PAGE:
A COT in which a baby boy was found trapped and unconscious was “faulty” and “dangerous”, an expert told an inquiry yesterday.
Ainslie Smith died after becoming trapped between the mattress and the slatted side section of his cot as he slept in his home in Pitlessie, Fife, in July 2009.
His “sheet-white” lifeless body was discovered by his mother Alexandra Smith, a local vet, when she went to check on him after a family day watching rugby. Mrs Smith described how she found his body wedged vertically – his back was against the slats on the side of the cot and he was facing the mattress.
She added: “I had to pull on him. It was a real effort to get him out.”
She and husband Ainslie, also a vet, attempted to resuscitate the eight-month-old child but were unsuccessful. A post-mortem revealed he died of asphyxia and a mechanical obstruction of the upper airway.
Mr Smith held his head in his hands as independent product safety consultant John Trinsi detailed his findings at a Fatal Accident Inquiry at Cupar Sheriff Court yesterday.
Mr Trinsi said that the £200 Cosatto Stratford cot bed, purchased by the Smiths a month before the death of their son, exhibited a major design defect.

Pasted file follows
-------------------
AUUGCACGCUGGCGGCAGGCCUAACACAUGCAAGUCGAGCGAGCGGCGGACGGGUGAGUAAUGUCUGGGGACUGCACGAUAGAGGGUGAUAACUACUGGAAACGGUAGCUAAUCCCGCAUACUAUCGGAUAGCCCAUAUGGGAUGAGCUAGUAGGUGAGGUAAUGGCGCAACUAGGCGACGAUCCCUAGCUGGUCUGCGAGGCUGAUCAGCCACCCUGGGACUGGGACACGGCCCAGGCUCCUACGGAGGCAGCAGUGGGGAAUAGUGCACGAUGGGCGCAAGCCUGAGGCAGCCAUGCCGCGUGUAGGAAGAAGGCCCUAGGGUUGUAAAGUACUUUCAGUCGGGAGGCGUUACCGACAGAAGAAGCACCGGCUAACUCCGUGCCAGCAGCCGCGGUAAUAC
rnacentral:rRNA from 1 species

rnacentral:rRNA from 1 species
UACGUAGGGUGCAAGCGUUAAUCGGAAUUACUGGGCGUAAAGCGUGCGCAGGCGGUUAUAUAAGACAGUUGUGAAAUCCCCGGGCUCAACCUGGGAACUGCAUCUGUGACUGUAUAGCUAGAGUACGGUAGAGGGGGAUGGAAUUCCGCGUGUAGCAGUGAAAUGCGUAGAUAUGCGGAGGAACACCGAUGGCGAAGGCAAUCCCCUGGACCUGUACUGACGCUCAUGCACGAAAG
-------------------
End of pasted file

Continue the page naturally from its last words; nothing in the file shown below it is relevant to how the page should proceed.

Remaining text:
The industry expert, who runs Berkshire-based Consumer Product Safety Advice Ltd, has almost 25 years experience in nursery equipment testing. He was sent an identical copy of the flat-pack cot by the Crown as part of its investigations.
He found that during normal day-to-day use, the fixing that held the side of the cot steady could come loose, creating a gap that a child could fall into. He added that the flaw should have been picked up during the rigorous testing of the product.
Mr Trinsi said: “The death was a result of a safety defect in the cot bed. The dropside was insecure, which was discoverable.
“The cot bed is a dangerous product and produces a serious risk as it can disengage through reasonable use and create head and body entrapment.”
In April 2010, Cosatto issued a safety enhancement device for Stratford cot beds made between 2005 and 2009.
Mrs Smith said she had spent time walking Ainslie with her sister and watching the British Lions rugby tour in South Africa on television with her husband and his parents on the day he died.
Her husband, who runs Eden Park Veterinary Practice in Cupar, had been on his way to check on some animals when he received a frantic call.
Following his urgent return home, both he and Mrs Smith attempted CPR before paramedics arrived to transport Ainslie to the Victoria Hospital in Kirkcaldy.
Efforts to revive the child at the hospital were unsuccessful.The inquiry will continue on Thursday with legal submissions. Sheriff Charlie Macnair will give his determination in writing at a later date.